Letters from Iwo Jima
During the Second World War, Iwo Jima Island was of strategic importance. The radar station on Iwo Jima allowed the Japanese air defense to notify in advance of the raids, and also helped the Japanese fighters intercept American bombers on the way not only to the point of impact, but also back.
Iwo Jima fights were the bloodiest of all land battles on the Pacific Islands. A small island, less than 9 km long and less than 5 km wide, was stormed by 70 thousand American soldiers and officers with the support of 220 thousand sailors. The Japanese garrison of the island numbered 20 thousand people. Despite serious superiority, the Americans were able to take control of the island only a month after the landing.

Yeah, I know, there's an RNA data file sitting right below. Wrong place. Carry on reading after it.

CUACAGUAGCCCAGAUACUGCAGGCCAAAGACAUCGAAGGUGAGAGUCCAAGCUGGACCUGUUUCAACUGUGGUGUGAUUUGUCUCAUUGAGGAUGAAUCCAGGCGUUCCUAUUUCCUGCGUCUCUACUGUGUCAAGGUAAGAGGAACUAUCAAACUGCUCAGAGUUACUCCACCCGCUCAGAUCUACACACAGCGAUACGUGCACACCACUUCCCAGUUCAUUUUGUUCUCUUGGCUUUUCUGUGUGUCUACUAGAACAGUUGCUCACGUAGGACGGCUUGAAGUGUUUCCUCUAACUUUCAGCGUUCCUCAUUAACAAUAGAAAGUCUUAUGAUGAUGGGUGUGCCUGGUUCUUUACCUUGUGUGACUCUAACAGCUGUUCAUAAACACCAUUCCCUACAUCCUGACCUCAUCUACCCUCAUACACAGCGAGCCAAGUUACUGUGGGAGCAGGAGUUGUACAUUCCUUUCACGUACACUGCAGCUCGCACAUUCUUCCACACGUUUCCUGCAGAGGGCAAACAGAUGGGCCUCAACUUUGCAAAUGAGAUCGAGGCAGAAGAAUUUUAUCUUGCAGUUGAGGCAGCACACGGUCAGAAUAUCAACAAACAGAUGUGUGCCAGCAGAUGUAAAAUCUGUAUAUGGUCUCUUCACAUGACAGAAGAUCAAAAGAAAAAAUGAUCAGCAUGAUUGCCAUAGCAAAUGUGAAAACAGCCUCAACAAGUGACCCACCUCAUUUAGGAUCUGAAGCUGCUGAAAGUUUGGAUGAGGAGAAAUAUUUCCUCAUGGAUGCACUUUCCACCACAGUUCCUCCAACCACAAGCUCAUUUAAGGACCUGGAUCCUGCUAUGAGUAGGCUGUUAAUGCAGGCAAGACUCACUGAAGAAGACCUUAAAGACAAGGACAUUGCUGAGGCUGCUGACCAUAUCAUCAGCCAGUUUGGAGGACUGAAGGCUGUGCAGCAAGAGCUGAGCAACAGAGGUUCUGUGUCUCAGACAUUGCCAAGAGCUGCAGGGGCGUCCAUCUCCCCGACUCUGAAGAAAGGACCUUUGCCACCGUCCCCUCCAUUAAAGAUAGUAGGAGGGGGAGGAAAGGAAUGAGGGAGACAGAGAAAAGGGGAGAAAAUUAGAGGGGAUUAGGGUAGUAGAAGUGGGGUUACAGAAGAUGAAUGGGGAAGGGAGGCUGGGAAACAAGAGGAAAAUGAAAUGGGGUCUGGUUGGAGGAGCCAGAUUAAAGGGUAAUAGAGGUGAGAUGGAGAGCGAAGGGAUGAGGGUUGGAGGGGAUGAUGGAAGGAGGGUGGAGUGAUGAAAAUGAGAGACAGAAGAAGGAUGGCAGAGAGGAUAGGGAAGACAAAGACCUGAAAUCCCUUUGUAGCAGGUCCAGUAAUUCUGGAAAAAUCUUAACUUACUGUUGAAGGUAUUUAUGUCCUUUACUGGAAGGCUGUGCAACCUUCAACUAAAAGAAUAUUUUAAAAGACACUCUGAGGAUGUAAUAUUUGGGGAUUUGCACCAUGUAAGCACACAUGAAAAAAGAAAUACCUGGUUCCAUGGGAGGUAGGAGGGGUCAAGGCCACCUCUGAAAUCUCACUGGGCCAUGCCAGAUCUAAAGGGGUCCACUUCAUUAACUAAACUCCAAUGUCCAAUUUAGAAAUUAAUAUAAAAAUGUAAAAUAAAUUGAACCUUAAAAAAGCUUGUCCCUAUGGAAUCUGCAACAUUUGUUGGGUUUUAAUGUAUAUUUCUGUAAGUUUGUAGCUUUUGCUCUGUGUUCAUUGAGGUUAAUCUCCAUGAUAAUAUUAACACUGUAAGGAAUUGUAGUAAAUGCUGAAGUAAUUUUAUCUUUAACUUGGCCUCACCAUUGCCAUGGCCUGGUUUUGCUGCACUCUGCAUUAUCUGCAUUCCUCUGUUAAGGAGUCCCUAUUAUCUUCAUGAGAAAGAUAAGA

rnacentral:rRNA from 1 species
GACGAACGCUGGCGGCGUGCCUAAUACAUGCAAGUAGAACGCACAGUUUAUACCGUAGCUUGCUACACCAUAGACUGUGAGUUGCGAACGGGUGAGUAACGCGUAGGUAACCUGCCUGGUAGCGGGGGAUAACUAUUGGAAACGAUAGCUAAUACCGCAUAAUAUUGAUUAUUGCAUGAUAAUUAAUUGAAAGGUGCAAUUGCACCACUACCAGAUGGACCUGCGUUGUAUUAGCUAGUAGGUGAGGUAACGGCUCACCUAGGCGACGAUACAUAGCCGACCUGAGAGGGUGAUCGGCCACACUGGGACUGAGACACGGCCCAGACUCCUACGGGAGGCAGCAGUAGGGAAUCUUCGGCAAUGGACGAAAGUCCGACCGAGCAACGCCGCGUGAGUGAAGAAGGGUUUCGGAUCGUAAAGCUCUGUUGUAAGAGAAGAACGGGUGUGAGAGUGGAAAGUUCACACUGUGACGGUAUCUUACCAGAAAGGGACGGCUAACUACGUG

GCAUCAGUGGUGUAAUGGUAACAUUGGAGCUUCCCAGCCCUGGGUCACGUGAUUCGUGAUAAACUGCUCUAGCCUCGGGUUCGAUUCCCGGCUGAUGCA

Clint Eastwood made two films about this battle - “Flags of Our Fathers” shows events through the eyes of American soldiers, and the film “Letters from Iwo Jima” - from the Japanese point of view.